An electric vehicle startup whose design has drawn comparisons with the Batmobile is on the ropes, and it’s not the first time.
Faraday Future Intelligent (FFIE) has already had several lives in its very young and short history.
Since its creation in 2014, the startup has always been on the brink of the financial abyss.
The problem is always the same: will the young manufacturer of electric vehicles, once presented as a potential rival of Tesla (TSLA) , survive? The question comes up every quarter. And the second quarter is no exception since the firm has just published quarterly earnings which depict a disastrous financial situation.
The net loss nearly tripled compared to the second quarter of 2021, according to a press release. This loss amounted to $142 million during the quarter ended June 30, compared to $53 million for the same period in 2021.
This degradation of the financial situation is due to a sharp increase in the operating expenses of the company, which is still struggling to produce and deliver its first cars to customers. Operating expenses amounted to $137.5 million, compared to only $28 million in the second quarter of 2021.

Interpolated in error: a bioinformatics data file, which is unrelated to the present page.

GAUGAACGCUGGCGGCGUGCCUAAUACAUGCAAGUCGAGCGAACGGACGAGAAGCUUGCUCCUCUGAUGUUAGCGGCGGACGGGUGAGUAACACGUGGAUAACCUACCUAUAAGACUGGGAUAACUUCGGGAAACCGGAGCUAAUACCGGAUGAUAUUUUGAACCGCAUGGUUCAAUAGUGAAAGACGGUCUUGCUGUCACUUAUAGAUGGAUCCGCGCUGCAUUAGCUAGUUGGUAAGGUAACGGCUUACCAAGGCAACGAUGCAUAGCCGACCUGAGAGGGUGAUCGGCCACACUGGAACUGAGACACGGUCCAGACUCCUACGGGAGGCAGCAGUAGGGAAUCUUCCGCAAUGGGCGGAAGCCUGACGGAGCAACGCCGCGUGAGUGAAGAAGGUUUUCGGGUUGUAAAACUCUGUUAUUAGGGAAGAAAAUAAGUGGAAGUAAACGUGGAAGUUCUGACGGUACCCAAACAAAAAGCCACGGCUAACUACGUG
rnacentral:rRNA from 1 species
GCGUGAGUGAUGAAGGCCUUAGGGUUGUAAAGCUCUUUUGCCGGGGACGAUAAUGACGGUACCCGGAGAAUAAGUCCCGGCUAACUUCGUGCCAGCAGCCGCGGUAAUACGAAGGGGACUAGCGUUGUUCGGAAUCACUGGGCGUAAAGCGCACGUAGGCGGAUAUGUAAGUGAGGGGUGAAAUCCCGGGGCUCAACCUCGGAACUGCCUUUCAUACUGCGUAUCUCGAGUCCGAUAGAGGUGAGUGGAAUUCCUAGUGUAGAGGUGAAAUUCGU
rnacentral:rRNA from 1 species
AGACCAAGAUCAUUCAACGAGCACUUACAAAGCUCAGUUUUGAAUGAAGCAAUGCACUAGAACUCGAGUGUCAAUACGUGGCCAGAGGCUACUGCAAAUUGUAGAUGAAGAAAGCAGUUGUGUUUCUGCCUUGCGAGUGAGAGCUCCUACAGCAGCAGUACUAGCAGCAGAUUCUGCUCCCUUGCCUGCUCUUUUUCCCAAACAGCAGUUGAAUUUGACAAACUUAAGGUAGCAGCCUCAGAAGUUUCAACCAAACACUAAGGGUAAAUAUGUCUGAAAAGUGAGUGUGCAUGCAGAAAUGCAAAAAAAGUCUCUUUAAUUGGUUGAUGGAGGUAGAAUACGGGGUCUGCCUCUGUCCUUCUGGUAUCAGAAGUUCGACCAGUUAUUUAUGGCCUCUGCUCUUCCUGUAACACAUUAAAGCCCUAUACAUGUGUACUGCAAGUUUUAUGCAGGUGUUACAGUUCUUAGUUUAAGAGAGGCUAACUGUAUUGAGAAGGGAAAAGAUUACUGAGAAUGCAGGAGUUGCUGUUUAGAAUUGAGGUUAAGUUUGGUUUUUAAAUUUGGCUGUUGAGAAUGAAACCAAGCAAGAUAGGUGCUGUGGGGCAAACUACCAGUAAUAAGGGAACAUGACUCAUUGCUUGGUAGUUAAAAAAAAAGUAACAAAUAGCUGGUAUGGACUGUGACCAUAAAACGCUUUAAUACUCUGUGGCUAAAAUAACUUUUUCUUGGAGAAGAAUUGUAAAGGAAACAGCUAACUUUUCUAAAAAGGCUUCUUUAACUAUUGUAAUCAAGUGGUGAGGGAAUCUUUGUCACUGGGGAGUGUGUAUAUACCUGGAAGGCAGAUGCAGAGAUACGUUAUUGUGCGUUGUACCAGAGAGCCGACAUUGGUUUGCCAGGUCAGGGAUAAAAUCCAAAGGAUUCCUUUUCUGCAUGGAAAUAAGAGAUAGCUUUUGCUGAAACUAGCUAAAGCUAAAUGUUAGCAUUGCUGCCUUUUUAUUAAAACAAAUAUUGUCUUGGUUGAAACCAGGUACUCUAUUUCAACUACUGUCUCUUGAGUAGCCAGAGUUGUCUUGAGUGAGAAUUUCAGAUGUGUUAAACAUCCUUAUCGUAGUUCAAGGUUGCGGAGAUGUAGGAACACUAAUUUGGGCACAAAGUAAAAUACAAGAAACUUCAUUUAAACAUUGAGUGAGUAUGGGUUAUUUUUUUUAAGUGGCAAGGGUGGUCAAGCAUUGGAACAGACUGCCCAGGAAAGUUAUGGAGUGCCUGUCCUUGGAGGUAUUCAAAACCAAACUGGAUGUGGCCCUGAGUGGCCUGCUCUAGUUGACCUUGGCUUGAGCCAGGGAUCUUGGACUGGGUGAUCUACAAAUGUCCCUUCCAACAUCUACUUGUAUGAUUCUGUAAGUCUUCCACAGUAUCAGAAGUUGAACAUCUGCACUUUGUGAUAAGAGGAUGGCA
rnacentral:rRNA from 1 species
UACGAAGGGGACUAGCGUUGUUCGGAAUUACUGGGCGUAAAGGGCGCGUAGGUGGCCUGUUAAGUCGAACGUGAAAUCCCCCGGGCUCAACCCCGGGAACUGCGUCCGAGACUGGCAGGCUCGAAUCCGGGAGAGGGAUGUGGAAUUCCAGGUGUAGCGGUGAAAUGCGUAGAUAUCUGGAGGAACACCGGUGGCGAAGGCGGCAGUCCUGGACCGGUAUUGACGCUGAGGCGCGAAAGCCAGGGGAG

The cost increases, the firm explained, “are primarily attributable to certain product improvements and upgrades relating to the capabilities of the FF 91, professional fees, cost overruns, and recent macroeconomic challenges, including increased construction and labor costs, raw material price increases, semiconductor chip shortages, tariffs, Covid-19 related disruptions and added costs, and other supply chain constraints.”
The company’s repeated difficulties in producing a vehicle for eight years and the uncertainties about its future have also pushed suppliers to dictate their terms.
“More recently, some suppliers have requested accelerated payments and other terms and conditions as a result of our past payment history and concerns about the company’s financial condition, leading to less favorable payment terms than the company had anticipated, and delaying or putting at risk certain deliveries,” Faraday Future (FF) said.
Faraday Future shares are down 60% since January. The shares have fallen more than 24% since the publication of the second quarter earnings on August 15.
Running Out of Cash
The company had delayed producing the flagship model, FF 91 Series, which has been in development since at least 2016, numerous times. The last time was last month: FF then announced that production would start either in the third quarter or in the fourth of 2022. Production was to start last July.
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Since its inception, the company has accumulated a deficit of approximately $3.2 billion as of June 30, 2022. And the situation is not going to get better since the startup has just warned that it “expects to continue to generate significant operating losses for the foreseeable future, as we continue to incur expenses before we generate meaningful revenue.”